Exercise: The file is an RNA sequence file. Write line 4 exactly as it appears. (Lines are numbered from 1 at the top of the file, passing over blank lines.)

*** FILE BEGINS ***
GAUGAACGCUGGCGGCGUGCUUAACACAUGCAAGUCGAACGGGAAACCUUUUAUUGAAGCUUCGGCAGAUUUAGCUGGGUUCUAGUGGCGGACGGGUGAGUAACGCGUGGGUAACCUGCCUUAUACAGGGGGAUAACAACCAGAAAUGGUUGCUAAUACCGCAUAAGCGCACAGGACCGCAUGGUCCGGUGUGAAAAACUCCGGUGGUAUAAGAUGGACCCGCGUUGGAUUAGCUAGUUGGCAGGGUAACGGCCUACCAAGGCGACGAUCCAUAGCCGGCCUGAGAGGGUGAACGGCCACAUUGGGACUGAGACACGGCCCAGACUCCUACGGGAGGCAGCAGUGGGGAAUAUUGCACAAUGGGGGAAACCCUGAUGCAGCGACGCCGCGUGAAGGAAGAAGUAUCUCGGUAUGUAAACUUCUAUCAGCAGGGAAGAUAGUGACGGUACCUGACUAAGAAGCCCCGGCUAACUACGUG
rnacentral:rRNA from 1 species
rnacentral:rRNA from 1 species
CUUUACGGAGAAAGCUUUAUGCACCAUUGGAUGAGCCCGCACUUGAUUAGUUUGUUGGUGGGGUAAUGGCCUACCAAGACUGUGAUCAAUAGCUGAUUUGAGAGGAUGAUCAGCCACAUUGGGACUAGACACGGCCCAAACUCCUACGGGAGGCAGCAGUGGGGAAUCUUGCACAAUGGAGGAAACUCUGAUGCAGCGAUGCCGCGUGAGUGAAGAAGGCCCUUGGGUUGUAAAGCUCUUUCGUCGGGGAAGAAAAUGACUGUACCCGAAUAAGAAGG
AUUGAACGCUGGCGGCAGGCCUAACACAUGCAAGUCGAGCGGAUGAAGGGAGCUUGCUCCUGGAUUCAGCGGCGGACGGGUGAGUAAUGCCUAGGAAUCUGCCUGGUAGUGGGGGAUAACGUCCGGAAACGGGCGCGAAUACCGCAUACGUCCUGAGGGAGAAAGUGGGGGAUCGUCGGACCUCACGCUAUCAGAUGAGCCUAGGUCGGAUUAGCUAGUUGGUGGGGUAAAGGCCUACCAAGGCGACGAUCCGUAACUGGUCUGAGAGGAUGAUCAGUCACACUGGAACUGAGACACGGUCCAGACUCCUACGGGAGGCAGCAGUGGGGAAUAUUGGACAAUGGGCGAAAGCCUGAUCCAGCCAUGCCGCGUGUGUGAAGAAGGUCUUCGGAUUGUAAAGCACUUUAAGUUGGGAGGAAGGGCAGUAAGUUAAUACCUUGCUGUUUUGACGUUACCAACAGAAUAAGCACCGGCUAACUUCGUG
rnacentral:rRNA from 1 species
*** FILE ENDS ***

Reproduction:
CUUUACGGAGAAAGCUUUAUGCACCAUUGGAUGAGCCCGCACUUGAUUAGUUUGUUGGUGGGGUAAUGGCCUACCAAGACUGUGAUCAAUAGCUGAUUUGAGAGGAUGAUCAGCCACAUUGGGACUAGACACGGCCCAAACUCCUACGGGAGGCAGCAGUGGGGAAUCUUGCACAAUGGAGGAAACUCUGAUGCAGCGAUGCCGCGUGAGUGAAGAAGGCCCUUGGGUUGUAAAGCUCUUUCGUCGGGGAAGAAAAUGACUGUACCCGAAUAAGAAGG